Exhaust gas fuel reforming for IC Engines using diesel type fuels 2007-01-2044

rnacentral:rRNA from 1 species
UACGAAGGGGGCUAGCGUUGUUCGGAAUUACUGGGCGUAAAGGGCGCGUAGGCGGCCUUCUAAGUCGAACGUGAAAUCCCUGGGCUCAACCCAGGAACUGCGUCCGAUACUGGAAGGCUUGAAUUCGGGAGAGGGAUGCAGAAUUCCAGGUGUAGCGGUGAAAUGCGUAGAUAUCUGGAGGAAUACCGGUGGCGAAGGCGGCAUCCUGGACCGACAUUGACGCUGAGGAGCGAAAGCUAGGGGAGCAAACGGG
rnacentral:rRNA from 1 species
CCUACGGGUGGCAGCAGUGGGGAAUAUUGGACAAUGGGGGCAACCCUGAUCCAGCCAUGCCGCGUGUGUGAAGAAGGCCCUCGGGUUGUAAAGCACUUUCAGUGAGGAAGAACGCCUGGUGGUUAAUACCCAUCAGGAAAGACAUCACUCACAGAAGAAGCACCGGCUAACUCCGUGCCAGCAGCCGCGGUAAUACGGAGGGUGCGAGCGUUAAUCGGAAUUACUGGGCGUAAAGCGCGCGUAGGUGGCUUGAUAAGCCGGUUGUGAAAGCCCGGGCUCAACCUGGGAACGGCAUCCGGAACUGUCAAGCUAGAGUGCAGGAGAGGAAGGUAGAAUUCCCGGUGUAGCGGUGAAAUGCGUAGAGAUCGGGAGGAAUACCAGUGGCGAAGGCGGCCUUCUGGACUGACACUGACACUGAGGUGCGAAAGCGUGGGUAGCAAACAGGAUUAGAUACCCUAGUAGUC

Control of NOx and Particulate Matter (PM) emissions from diesel engines remains a significant challenge. One approach to reduce both emissions simultaneously without fuel economy penalty is the reformed exhaust gas recirculation (REGR) technique, where part of the fuel is catalytically reacted with hot engine exhaust gas to produce a hydrogen-rich combustible gas that is then fed to the engine. On the contrary to fuel cell technology where the reforming requirements are to produce a reformate with maximized H2 concentration and minimized (virtually zero) CO concentration, the key requirement of the application of the exhaust gas fuel reforming technique in engines is the efficient on-demand generation of a reformate with only a relatively low concentration of hydrogen (typically up to 20%). In order to design an optimized practical engine-reformer system, an experimental study of the effects of the oxygen-to-carbon atomic ratio in the reactor input gas mixture (O/C), the reactor input fuel chemical power and the reactor gas hourly space velocity (GHSV) on the reforming process was carried out using ultra low sulphur diesel (ULSD) and gas-to-liquid (GTL) fuel. Calculations of theoretical equilibrium reformate compositions were also performed.